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How to figure out prime cost and occupancy percentages

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Question:

What costs comprise prime cost and occupancy percentage? 

– Andrew Bakst, Healthcare Account Manager, US Foods, West Palm Beach, Florida

Answer:

Lack of consistent industry benchmarks is a common complaint in our industry. Operators often keep their numbers close and when you do look at others’ numbers, they may not tell the whole picture. For example, in the case of occupancy, does the operator own the building or have some development incentives such as tax abatements or an initial period of free rent? In the case of prime cost, is the owner taking a salary? Do you have an apprenticeship or internship program that takes a bite from labor costs?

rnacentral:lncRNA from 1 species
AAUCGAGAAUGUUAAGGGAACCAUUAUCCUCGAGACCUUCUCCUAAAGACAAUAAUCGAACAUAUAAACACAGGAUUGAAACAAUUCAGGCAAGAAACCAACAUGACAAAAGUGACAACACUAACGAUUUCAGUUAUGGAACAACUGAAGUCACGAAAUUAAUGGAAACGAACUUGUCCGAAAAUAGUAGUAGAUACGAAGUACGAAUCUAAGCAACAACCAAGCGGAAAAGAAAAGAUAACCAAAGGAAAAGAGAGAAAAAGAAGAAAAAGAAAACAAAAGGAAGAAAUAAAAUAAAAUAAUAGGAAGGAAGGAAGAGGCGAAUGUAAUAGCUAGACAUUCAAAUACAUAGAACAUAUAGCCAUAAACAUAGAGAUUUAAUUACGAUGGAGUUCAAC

Prime cost should include all costs of goods as well as labor. It’s easy to forget to include all beverage costs, supplies and ingredients that go into the cost of sales such as frying oil or paper basket liners, and labor such as management salary.

Occupancy includes rent along with related expenses like insurance, real estate taxes, and common area maintenance fees.

While there is no definitive benchmark, look for prime costs around a maximum of 60-65% and occupancy not to exceed 8-10% of sales.

Keep in mind, while these are general guidelines, every operation is different and your accountant may use a different approach. More on costs and benchmarks here

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